Ken Taylor here sharing some advice with you on the “How to’s” of a singing contests. Below are a few horrifically simple tips that I all too often wish people would consider when I’m judging these contests. Do these things, and you will help present yourself in a wonderful light and up your chances of walking away with the trophy and maybe even some money.
1. It Sounds Overly Simply, but Do A Song You Can Sing & Can Sing Well
If you are going into the competition wondering if you’re going to hit the high note at the end of the bridge, you’ve definitely picked the wrong song. If you’re running out of air because the phrases are too long, then it’s probably not a safe bet. For your singing contest, I suggest picking a song you can sing most any day, not just on your best vocal days.
2. Pick Something Your Audience Will Enjoy
To illustrate this, I’m going to tell a story. I know of a group here locally that got on America’s Got Talentthat sang a barber show quartet-ish version of “Don’t Rock the Boat.” Honestly, it was kinda nifty and the singers sounded pretty good, but sadly, it didn’t take long before people were booing them and soon the three X’s followed. I believe it was Sharon Osbourne that said something to the effect of she could see them performing that song at an elderly home, but not on that show.
Lesson to Learn – Choose a song that your audience will enjoy! Consider the age range of your audience as well as the type of music they’d enjoy, then simply don’t let them down. You wouldn’t Sing Led Zeppelin at your grandmother’s 90th Birthday party, just as you probably wouldn’t get a group together to sing the Halleluia Chorus at Woodstock. Keep your audience in mind and you won’t end up with funny looks or worse, booing.
3. Know Your Strengths
Some singers sound better on ballads, and some shine singing up tempo songs. Some people have an impressive high range while others can hold out a note long after the cows come home. So, know your vocal strengths and choose a song that highlights them. Last year, I remember literally spending 3 weeks searching for the perfect song for a student of mine. Sounds excessive, right? The results… she blew the judges away and walked away with one of those shiny trophies and a check. Just a side note, the trophy was practically as tall as she was… I was proud. So yeah, it pays to know your strengths : )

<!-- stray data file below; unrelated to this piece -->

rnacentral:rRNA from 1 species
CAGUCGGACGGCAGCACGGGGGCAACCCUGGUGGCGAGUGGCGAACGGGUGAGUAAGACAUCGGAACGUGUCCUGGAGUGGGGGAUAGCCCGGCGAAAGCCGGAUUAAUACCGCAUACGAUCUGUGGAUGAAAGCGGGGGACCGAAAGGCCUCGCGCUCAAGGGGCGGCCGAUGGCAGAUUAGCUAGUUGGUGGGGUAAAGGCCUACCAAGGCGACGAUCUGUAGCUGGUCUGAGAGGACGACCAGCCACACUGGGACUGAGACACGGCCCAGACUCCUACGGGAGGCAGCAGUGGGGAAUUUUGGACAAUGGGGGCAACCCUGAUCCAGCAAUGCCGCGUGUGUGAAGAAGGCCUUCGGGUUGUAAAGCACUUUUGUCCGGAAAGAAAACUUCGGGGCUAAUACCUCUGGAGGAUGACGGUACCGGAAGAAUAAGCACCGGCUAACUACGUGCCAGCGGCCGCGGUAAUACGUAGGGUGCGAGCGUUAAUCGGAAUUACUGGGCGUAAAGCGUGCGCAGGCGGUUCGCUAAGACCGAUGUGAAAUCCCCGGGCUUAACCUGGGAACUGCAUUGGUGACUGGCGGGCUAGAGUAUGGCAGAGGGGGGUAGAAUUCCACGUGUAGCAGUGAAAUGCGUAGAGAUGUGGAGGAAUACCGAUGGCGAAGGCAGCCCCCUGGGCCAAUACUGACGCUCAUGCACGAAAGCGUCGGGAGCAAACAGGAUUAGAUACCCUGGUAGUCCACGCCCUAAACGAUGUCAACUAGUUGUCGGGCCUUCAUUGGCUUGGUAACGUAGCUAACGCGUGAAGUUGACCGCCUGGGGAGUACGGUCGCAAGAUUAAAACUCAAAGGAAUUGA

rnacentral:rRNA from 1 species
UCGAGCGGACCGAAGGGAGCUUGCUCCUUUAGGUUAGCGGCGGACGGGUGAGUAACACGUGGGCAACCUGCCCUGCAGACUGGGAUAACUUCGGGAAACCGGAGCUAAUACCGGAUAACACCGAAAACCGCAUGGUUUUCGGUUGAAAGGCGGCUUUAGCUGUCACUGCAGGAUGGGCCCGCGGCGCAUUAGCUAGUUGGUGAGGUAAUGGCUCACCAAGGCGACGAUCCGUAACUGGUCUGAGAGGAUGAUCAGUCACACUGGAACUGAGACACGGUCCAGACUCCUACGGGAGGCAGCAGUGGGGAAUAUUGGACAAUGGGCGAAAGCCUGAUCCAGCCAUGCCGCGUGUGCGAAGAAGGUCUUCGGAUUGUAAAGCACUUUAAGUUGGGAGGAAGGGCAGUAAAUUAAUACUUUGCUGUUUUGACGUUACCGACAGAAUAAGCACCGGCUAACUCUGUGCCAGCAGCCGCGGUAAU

4. Connect with Your Audience
You can’t just sing the song for the sake of singing it. Tell the audience a story. Involve them. Make them feel special. The more you can do this, the more they’ll enjoy it. The more they enjoy it, the more likely you’re name will be called at the end of the contest as they’re announcing the winners. Simple as that.
5. It’s Not Enough to Just Sing
They say 30% of people take in the world through sound, but a whopping 60% of people are visually dominant. So if that’s the case, you’re number will more greatly impact the majority of people if you’re able to stimulate them through both sight and sound. Now don’t get me wrong, I’m not saying you should include a dance routine in your number, but I do encourage you to be brave enough to step out from behind your mic stand and use your hands, arms, body, and facial expressions to further express the depth of the story you’re telling.
6. Focus on the Audience and Yourself, NOT YOUR COMPETITION
This is a little pet peeve of mine and I’ll try not to stay on top of my soap box for too long here, but if you go into a competition focusing on beating a certain person or persons, you’re going to fail 9 times out of 10. I say this simply because you’re focusing entirely on the wrong thing. Singing/performing is about the AUDIENCE. The more you focus on how you can give them the best show possible, the better you’ll do. The more you focus on beating someone else, the more you’re not focusing on what counts. End of story. Okay, I was able to keep that pleasantly brief. Yay!
7. Be Positive
Finally, I suggest a little pre-performance ritual. Before I go out and sing, I always visualize my performance going exactly how I want it. I see the audience enjoying it, and hear a roar of applause after I’m finished. I mentally go through my whole routine seeing myself having the best performance of my life. Strangely, I’ve found this routine proves to be much more effective than pacing around telling yourself you’re going to forget your words and worrying about what the person before you is doing. Matter of fact, I’ve always gotten great results with this, and I believe you will to.
Well, that’s all I’ve got for today. Hope this helps! Please feel free to leave a comment with any success stories or other suggestions.
Thanks for reading and as always, Happy Singing!
~ Vocal Coach Ken Taylor